Understanding the Old Testament

The Creation Story

(All quotations are from the New American Standard Bible translation)

Let me frankly state that I am not a Young Earth believer. I cannot accept the idea that the Earth is less than 10,000 years old when scientists estimate the Earth is actually billions of years old.

I know Genesis 1 says that God created the world and everything in it in six days, but what is a “day”? We measure a day by the rising and setting of the Sun, but the Sun and Moon weren’t created until the fourth day. (Genesis 1:14-19) And 2 Peter 3:8 says, “But do not let this one fact escape your notice, beloved, that with the Lord one day is like a thousand years, and a thousand years like one day.” (Psalm 90:4 is similar.) Time means little to God because He doesn’t grow up, grow old, or die, so a day or a million years makes little difference to Him. Genesis 1 talks about six “days” because that was a concept the people back then would understand—and it made for a good story.

Simply put, the creation story of Genesis 1-2 is not a lesson in astronomy, physics, or biology. It is a lesson in God. And the lesson it teaches is that God created everything, and everything He created was good. (Genesis 1:31) Then we messed it up—“we” being humans.

Now why does God create mankind in Genesis 1:26-27, and then create them again in Genesis 2? Well, one possibility is that the story of Adam and Eve is not history but allegory or parable, intended to explain how we humans rebelled against God by wanting to be “like God,” as we saw with Adam and Eve.

But if you prefer a more historical approach to Genesis 2-3, try this. Genesis 2:7 says that God formed a man from the dust and breathed into him the breath of life, and the man became a living “soul.” Under this interpretation, Adam and Eve were not the first humans, but they were the first humans to possess an eternal soul. And perhaps those earlier humans were the ones who mated with the sons of Adam and Eve later.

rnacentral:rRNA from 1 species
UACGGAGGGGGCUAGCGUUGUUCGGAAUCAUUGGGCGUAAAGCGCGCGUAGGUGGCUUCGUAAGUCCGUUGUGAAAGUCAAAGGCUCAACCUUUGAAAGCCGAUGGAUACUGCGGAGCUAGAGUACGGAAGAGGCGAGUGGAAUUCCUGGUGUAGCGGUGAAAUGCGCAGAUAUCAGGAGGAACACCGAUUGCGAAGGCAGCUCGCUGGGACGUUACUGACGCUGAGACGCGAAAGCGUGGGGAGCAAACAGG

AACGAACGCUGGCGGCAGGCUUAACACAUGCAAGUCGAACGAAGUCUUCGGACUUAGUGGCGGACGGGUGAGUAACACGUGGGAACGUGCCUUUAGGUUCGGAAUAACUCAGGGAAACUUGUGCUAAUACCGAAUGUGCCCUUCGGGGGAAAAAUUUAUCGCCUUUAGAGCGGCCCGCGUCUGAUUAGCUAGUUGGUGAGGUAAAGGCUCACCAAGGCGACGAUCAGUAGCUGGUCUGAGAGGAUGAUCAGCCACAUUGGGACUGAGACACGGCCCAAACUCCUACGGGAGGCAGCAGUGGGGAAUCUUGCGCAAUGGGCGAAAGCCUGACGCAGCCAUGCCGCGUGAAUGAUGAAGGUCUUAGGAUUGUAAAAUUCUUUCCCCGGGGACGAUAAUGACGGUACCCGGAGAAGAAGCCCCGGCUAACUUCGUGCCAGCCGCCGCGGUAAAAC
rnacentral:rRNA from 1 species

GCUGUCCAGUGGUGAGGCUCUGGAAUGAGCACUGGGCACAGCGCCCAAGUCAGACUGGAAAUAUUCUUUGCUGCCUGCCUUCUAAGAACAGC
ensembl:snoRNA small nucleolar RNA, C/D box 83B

One possible problem with this interpretation is Genesis 1:26, which says that God made man “in Our image”—which refers to God’s spiritual image. To me, Genesis 1:26 seems pretty meaningless unless those men and women possessed an eternal soul.

Personally, I have trouble accepting the early chapters of Genesis as historical. I believe they are more like parables. But if you believe they are historical, that’s fine, too. The people who know the truth are long gone.

Question to ponder or discuss: What does it mean to be made in the spiritual image of God? How are humans similar to God, and how are we different?

Copyright 2017 by Don Davidson

My book, Beyond Blind Faith: Reasons for the Hope We Have (1 Peter 3:15), is available on Amazon.com as either a print book or a Kindle e-book. Here's the link:  https://www.amazon.com/dp/B074MVHVHP Read Chapter 1 (pdf format)



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Stories of the Faithful (with some church history)

Christmas Stories

Understanding the Old Testament


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